Missed Breast Lesions Found After the Fact
Nov. 30, 1999 (Chicago) -- Radiologists often say that it is difficult to
find very small lesions in dense breasts --which the breasts of younger women
often are -- with mammograms, but a study from Stanford University radiologists
suggests that about half of the "missed" cancers are found in
non-dense, or fatty, breasts.
Robyn L. Birdwell, MD, assistant professor at the Stanford University School
of Medicine, reported the finding at the 85th Scientific Assembly and Annual
Meeting of the Radiological Society of North America.
Birdwell, who is also acting director of the radiology residency program at
Stanford, tells WebMD "that was one of the most striking findings of our
study -- half of the tumors were in non-dense breasts." Birdwell says that
the study debunked most of the mammography lore that she believed. "I
thought that missed lesions look different, were usually calcifications or
occurred in unusual locations. In our study none of those assumptions turned
out to be true."
She and her colleagues amassed records from more than 1,000 consecutive
cases of breast cancer detected through mammogram screenings. In about half of
the cases, prior mammograms were available for comparison. A radiologist then
examined the paired mammograms and determined that in almost 300 cases,
evidence of cancer was visible on the first mammogram but had not been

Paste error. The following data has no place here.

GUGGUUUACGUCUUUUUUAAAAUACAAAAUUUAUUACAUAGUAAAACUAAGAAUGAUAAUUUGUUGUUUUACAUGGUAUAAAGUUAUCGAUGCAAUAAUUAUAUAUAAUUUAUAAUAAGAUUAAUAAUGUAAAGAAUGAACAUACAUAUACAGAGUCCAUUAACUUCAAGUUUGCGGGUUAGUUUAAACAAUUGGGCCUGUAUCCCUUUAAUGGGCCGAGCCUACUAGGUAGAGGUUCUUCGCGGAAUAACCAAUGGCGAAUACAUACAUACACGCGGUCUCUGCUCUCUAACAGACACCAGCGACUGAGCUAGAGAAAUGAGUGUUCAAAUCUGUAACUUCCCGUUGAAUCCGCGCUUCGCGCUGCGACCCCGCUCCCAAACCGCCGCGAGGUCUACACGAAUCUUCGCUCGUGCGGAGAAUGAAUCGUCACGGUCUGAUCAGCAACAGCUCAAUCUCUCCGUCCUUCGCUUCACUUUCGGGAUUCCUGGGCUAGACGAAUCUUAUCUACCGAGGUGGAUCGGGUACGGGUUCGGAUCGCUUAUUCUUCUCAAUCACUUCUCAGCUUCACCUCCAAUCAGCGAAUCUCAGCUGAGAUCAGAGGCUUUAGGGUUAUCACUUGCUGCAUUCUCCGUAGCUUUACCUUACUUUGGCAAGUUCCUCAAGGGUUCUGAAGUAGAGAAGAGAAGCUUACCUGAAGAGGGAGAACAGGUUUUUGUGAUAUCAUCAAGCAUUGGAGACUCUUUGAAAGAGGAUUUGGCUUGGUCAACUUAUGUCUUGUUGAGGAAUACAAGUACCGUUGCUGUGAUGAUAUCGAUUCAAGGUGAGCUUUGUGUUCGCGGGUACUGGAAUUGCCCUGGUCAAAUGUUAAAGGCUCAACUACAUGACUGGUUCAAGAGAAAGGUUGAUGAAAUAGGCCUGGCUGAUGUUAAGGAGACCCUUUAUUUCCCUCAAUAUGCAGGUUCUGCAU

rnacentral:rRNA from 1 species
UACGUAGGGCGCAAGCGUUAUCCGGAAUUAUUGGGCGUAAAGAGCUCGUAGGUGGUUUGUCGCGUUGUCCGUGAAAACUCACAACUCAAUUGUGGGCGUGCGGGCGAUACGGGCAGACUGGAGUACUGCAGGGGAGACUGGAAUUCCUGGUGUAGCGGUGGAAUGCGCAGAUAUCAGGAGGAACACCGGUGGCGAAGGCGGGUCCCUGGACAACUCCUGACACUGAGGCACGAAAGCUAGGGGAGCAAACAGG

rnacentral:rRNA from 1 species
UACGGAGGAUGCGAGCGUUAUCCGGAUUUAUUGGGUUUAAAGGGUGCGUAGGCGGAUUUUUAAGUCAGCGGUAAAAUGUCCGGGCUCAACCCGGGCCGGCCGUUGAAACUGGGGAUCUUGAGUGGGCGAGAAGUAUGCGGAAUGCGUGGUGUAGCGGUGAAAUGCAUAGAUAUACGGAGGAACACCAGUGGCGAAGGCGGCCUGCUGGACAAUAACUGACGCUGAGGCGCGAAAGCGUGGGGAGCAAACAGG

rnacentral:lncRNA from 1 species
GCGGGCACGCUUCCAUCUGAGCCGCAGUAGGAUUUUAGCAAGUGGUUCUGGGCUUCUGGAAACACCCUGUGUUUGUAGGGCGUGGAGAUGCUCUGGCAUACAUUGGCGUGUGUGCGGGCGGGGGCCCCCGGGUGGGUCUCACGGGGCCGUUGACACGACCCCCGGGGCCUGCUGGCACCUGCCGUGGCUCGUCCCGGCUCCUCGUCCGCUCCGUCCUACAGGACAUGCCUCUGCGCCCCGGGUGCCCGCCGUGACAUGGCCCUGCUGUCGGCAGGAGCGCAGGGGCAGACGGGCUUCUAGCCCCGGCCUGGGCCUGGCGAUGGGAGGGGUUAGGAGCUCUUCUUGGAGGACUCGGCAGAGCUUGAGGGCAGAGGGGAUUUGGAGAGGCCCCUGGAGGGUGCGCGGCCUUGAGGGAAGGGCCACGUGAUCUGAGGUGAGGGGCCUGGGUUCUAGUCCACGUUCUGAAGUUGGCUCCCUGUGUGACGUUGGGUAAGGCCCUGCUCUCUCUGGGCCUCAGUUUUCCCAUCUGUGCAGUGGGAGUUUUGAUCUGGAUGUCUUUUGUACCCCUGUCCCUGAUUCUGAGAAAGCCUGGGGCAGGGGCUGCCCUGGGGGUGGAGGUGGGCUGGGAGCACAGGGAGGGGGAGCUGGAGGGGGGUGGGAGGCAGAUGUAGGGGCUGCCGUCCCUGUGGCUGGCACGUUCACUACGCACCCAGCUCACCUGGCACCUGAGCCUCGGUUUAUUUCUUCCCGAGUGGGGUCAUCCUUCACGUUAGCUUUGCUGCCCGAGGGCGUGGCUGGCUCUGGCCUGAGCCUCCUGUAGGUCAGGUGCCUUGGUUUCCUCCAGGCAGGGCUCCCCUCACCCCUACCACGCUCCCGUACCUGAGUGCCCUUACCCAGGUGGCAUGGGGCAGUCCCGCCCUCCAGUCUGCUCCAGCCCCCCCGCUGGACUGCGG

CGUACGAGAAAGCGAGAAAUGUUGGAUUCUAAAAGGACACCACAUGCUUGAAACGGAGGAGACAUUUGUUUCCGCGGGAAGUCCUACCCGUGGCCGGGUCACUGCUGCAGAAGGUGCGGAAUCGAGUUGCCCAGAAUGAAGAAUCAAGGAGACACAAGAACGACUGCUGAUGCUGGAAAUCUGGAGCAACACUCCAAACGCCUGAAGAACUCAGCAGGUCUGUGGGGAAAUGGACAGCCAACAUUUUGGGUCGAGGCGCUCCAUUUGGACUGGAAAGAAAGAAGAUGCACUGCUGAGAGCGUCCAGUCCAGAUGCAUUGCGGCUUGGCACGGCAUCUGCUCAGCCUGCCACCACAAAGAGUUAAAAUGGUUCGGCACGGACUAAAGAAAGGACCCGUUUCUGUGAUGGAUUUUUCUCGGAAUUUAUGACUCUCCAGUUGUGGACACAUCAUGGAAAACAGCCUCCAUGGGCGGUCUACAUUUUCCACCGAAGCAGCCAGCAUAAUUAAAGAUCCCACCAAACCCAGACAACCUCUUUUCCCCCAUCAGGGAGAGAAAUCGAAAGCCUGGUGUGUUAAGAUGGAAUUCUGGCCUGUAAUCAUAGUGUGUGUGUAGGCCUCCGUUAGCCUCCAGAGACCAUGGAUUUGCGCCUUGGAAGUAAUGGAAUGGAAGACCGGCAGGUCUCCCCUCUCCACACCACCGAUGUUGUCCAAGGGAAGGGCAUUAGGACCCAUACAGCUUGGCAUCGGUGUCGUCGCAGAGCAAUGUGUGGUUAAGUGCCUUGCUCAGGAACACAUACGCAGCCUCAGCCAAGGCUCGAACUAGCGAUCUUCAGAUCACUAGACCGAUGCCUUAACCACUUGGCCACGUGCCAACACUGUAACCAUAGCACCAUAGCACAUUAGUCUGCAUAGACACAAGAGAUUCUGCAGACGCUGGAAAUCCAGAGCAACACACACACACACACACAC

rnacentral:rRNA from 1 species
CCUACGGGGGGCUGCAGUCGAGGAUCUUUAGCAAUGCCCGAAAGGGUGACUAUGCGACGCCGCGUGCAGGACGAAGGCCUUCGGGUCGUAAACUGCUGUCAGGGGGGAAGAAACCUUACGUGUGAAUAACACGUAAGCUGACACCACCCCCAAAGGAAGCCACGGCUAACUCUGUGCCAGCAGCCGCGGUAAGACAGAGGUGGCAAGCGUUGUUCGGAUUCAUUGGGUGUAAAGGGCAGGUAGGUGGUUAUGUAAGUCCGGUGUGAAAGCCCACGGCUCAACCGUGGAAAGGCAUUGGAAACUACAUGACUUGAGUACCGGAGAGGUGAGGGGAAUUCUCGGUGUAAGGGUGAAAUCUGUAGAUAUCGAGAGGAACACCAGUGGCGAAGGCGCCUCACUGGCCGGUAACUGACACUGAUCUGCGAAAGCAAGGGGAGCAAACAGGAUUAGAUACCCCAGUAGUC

identified. An expert panel of five radiologists, who were blinded to the
results of the second mammogram, were asked to review the initial films. "A
majority of the five identified 115 cancers in 110 women and recommended recall
imaging," Birdwell says. She then studied the characteristics of these
"Most of them weren't calcifications. They were masses," she says.
Eighty-two of the 115 were invasive cancers and almost half were in the upper
outer quadrant of the breast, a "very common location," she says.
Birdwell offers several theories to explain the missed diagnoses, including
a very simple one: the mammographers were too distracted by other tasks to
concentrate on the films under review. She says that at most busy breast
centers, films are reviewed in rooms that aren't dark enough and that are too
accessible to distractions from co-workers. "I've only ever seen one ideal
screening room. ... It was down a hall, away from the action, and completely
dark. I don't even think there was a phone. I was envious."
She says, too, the fact that about half the lesions were found in fatty
breasts suggests that sometimes mammographers may "let down our guard a
little when we have a fatty breast, so that's a teaching point."
Traditionally, fatty breasts are easier to detect breast cancers in than are
the denser breast tissues.
A remedy for the situation might be having two people review mammograms, and
Birdwell says that several institutions do attempt this "second read"
approach. "But this has pitfalls too, not the least of which is legal. Who
is responsible for dictating the notes? Who signs off on the case? If the first
reader is [deemed] responsible, will the second reader be attentive
enough?" she says.